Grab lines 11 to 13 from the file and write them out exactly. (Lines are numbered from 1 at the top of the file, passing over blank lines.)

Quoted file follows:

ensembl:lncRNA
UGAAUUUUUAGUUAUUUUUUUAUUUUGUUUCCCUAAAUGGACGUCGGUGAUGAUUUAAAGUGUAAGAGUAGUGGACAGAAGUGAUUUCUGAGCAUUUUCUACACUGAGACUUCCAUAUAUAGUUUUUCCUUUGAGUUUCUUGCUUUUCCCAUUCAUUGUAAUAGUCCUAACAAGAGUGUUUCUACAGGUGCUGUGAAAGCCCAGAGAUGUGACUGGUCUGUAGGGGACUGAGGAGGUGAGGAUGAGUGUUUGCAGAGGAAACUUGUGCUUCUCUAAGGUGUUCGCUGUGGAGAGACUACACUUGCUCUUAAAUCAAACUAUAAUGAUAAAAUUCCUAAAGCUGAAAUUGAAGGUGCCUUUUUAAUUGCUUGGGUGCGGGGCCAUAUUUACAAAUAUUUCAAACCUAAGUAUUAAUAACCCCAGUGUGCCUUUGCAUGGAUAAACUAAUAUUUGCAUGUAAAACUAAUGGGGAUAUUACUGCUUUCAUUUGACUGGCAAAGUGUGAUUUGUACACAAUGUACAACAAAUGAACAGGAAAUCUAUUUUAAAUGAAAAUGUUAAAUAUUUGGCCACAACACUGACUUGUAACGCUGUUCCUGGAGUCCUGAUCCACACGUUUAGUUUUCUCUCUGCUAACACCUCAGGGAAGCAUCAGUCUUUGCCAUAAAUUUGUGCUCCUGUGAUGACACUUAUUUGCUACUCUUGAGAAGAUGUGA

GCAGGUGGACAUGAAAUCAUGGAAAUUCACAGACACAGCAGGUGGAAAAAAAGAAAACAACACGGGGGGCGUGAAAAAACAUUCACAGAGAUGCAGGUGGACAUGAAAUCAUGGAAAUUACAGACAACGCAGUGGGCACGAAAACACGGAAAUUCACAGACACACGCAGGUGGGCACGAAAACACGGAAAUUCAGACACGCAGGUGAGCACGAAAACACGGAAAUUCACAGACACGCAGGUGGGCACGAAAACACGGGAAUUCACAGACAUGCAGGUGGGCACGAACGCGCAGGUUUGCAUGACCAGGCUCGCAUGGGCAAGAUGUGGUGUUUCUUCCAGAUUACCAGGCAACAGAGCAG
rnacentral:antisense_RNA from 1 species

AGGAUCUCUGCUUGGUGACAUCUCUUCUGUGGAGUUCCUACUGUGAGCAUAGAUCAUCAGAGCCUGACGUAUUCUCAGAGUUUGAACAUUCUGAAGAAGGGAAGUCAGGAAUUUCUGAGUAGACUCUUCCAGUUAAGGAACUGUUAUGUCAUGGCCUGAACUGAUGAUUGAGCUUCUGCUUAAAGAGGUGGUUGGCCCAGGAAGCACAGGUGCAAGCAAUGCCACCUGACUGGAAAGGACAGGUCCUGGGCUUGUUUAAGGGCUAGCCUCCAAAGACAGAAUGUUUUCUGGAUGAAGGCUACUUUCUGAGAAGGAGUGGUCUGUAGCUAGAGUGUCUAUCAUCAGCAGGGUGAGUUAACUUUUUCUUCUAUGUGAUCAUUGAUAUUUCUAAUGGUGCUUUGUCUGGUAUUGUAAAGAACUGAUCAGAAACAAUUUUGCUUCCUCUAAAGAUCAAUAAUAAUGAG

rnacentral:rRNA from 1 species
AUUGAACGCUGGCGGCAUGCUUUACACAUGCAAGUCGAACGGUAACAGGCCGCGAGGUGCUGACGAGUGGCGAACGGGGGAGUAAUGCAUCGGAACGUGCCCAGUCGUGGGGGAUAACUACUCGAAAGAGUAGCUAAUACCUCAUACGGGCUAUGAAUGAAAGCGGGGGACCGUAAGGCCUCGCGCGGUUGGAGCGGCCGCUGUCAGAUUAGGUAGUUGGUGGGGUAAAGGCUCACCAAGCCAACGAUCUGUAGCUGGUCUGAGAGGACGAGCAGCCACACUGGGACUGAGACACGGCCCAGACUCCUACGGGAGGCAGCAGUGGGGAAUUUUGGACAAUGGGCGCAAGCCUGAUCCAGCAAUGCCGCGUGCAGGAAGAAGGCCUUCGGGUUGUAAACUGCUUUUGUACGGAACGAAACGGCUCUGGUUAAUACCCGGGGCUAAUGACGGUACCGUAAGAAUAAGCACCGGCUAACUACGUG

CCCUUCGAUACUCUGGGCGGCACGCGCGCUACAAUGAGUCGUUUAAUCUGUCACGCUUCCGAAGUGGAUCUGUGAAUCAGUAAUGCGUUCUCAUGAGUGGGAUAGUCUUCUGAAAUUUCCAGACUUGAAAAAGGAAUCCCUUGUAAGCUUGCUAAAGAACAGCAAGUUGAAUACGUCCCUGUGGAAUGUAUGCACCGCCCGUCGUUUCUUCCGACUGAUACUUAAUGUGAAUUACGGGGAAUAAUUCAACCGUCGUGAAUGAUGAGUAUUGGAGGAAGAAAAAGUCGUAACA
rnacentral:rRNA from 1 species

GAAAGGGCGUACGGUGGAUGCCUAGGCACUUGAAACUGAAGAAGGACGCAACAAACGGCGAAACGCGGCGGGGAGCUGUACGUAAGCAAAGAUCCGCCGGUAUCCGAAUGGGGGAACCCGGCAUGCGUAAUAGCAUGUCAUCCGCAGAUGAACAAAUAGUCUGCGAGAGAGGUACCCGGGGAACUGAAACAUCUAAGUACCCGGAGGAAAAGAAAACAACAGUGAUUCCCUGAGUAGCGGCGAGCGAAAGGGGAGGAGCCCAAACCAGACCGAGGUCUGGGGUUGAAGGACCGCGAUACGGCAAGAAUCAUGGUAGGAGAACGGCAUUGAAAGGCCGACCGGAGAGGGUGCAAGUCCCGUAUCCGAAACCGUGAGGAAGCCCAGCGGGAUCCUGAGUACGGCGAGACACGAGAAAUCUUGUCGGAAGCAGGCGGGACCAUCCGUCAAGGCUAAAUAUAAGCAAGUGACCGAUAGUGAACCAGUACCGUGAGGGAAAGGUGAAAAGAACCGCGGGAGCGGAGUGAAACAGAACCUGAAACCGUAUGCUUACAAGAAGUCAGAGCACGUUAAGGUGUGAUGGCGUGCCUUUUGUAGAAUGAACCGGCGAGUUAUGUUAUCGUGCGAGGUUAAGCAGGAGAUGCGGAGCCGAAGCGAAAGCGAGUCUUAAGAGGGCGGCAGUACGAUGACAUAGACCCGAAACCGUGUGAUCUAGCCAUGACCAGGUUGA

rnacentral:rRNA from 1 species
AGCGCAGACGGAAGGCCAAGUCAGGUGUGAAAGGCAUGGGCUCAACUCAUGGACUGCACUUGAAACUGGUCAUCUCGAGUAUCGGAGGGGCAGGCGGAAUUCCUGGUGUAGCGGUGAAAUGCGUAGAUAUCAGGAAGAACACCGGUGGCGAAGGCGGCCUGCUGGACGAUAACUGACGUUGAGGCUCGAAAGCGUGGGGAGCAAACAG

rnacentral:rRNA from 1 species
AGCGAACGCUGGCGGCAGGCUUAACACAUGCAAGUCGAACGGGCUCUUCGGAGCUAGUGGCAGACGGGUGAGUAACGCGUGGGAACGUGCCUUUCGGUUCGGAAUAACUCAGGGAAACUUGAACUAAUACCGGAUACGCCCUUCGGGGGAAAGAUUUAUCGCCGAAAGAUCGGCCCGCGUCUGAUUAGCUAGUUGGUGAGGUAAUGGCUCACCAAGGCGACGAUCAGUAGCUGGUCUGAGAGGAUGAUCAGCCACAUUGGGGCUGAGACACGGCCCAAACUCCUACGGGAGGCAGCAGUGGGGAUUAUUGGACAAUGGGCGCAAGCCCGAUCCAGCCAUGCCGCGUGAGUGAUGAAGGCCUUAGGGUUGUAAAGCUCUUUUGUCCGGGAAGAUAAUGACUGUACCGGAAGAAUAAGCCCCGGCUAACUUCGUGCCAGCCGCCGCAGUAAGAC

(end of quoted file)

rnacentral:rRNA from 1 species
AGCGCAGACGGAAGGCCAAGUCAGGUGUGAAAGGCAUGGGCUCAACUCAUGGACUGCACUUGAAACUGGUCAUCUCGAGUAUCGGAGGGGCAGGCGGAAUUCCUGGUGUAGCGGUGAAAUGCGUAGAUAUCAGGAAGAACACCGGUGGCGAAGGCGGCCUGCUGGACGAUAACUGACGUUGAGGCUCGAAAGCGUGGGGAGCAAACAG

rnacentral:rRNA from 1 species